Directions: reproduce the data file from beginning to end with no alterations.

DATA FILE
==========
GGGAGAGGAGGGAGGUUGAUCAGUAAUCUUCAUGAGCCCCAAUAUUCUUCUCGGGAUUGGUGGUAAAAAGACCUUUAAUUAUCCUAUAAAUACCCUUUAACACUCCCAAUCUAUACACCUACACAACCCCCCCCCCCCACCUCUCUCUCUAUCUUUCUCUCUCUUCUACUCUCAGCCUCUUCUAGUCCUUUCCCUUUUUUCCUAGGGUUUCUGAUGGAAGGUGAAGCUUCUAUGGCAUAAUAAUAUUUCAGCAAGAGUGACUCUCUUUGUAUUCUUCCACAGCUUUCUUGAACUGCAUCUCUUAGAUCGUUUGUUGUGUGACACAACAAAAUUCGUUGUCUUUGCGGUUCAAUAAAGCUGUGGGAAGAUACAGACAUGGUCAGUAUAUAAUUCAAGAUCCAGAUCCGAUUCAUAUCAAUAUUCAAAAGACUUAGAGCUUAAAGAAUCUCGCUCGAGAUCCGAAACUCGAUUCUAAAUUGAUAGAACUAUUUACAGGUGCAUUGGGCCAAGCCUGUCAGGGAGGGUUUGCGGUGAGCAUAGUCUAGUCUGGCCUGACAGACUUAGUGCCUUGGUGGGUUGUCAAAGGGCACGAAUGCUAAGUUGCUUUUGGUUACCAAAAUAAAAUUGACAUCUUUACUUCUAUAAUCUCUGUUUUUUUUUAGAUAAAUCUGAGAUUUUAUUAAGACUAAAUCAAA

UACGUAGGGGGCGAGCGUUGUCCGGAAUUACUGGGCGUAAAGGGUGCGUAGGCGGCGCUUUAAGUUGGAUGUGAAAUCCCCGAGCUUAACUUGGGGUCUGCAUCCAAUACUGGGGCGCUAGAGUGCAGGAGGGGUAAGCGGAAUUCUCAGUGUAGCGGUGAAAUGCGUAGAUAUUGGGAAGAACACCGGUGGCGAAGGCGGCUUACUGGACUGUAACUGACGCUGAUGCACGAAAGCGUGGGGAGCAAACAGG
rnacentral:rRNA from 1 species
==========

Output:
GGGAGAGGAGGGAGGUUGAUCAGUAAUCUUCAUGAGCCCCAAUAUUCUUCUCGGGAUUGGUGGUAAAAAGACCUUUAAUUAUCCUAUAAAUACCCUUUAACACUCCCAAUCUAUACACCUACACAACCCCCCCCCCCCACCUCUCUCUCUAUCUUUCUCUCUCUUCUACUCUCAGCCUCUUCUAGUCCUUUCCCUUUUUUCCUAGGGUUUCUGAUGGAAGGUGAAGCUUCUAUGGCAUAAUAAUAUUUCAGCAAGAGUGACUCUCUUUGUAUUCUUCCACAGCUUUCUUGAACUGCAUCUCUUAGAUCGUUUGUUGUGUGACACAACAAAAUUCGUUGUCUUUGCGGUUCAAUAAAGCUGUGGGAAGAUACAGACAUGGUCAGUAUAUAAUUCAAGAUCCAGAUCCGAUUCAUAUCAAUAUUCAAAAGACUUAGAGCUUAAAGAAUCUCGCUCGAGAUCCGAAACUCGAUUCUAAAUUGAUAGAACUAUUUACAGGUGCAUUGGGCCAAGCCUGUCAGGGAGGGUUUGCGGUGAGCAUAGUCUAGUCUGGCCUGACAGACUUAGUGCCUUGGUGGGUUGUCAAAGGGCACGAAUGCUAAGUUGCUUUUGGUUACCAAAAUAAAAUUGACAUCUUUACUUCUAUAAUCUCUGUUUUUUUUUAGAUAAAUCUGAGAUUUUAUUAAGACUAAAUCAAA

UACGUAGGGGGCGAGCGUUGUCCGGAAUUACUGGGCGUAAAGGGUGCGUAGGCGGCGCUUUAAGUUGGAUGUGAAAUCCCCGAGCUUAACUUGGGGUCUGCAUCCAAUACUGGGGCGCUAGAGUGCAGGAGGGGUAAGCGGAAUUCUCAGUGUAGCGGUGAAAUGCGUAGAUAUUGGGAAGAACACCGGUGGCGAAGGCGGCUUACUGGACUGUAACUGACGCUGAUGCACGAAAGCGUGGGGAGCAAACAGG
rnacentral:rRNA from 1 species